Brand Finance has calculated that Nordic brands could stand to lose up 13% of their brand values, however, as a result of the COVID-19 pandemic, equating to SEK 219 billion.
View the full Brand Finance Sweden 50 2020 report here
View the Nordic 50 2020 ranking here
Note to Editors
Every year, Brand Finance values 5,000 of the world’s biggest brands. The 50 most valuable Swedish brands are included in the Brand Finance Sweden 50 2020 report.
Brand value is understood as the net economic benefit that a brand owner would achieve by licensing the brand in the open market. Brand strength is the efficacy of a brand’s performance on intangible measures relative to its competitors.
Additional insights, charts, and more information about the methodology, as well as definitions of key terms are available in the Brand Finance Sweden 50 2020 report.
Data compiled for the Brand Finance rankings and reports are provided for the benefit of the media and are not to be used for any commercial or technical purpose without written permission from Brand Finance.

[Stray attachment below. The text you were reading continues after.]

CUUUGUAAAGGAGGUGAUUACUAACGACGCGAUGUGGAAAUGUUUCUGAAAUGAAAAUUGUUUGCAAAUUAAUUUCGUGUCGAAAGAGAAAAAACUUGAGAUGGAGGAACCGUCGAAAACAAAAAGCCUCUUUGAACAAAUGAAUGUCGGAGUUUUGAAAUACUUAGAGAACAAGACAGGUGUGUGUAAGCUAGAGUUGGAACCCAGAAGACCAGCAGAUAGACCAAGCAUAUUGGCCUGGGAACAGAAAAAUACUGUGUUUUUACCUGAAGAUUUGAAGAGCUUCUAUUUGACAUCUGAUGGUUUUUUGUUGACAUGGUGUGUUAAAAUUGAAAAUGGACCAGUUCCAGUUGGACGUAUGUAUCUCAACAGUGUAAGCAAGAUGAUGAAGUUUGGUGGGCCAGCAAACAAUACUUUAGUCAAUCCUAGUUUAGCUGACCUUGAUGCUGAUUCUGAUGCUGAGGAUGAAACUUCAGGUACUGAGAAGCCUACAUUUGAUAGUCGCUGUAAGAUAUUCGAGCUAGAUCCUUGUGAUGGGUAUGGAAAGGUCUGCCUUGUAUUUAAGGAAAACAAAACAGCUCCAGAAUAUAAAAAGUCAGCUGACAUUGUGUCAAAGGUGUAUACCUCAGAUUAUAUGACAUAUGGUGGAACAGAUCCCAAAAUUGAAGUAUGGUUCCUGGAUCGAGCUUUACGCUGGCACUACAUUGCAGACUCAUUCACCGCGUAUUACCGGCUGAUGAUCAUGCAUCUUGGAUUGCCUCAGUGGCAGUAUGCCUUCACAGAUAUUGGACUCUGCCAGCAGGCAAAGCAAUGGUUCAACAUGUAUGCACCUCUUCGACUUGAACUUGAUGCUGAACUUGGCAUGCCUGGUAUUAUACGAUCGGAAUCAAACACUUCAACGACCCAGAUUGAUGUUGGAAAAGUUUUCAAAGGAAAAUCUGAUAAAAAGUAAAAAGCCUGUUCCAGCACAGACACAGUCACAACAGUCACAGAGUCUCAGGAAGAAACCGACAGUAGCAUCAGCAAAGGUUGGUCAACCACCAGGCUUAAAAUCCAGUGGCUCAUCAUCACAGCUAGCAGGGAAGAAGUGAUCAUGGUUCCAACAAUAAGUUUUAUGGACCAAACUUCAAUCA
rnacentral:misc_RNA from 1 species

Brand Finance is the world’s leading brand valuation consultancy. Bridging the gap between marketing and finance, Brand Finance evaluates the strength of brands and quantifies their financial value to help organisations of all kinds make strategic decisions.
Headquartered in London, Brand Finance has offices in over 20 countries, offering services on all continents. Every year, Brand Finance conducts more than 5,000 brand valuations, supported by original market research, and publishes over 100 reports which rank brands across all sectors and countries.
Brand Finance is a regulated accountancy firm, leading the standardisation of the brand valuation industry. Brand Finance was the first to be certified by independent auditors as compliant with both ISO 10668 and ISO 20671, and has received the official endorsement of the Marketing Accountability Standards Board (MASB) in the United States.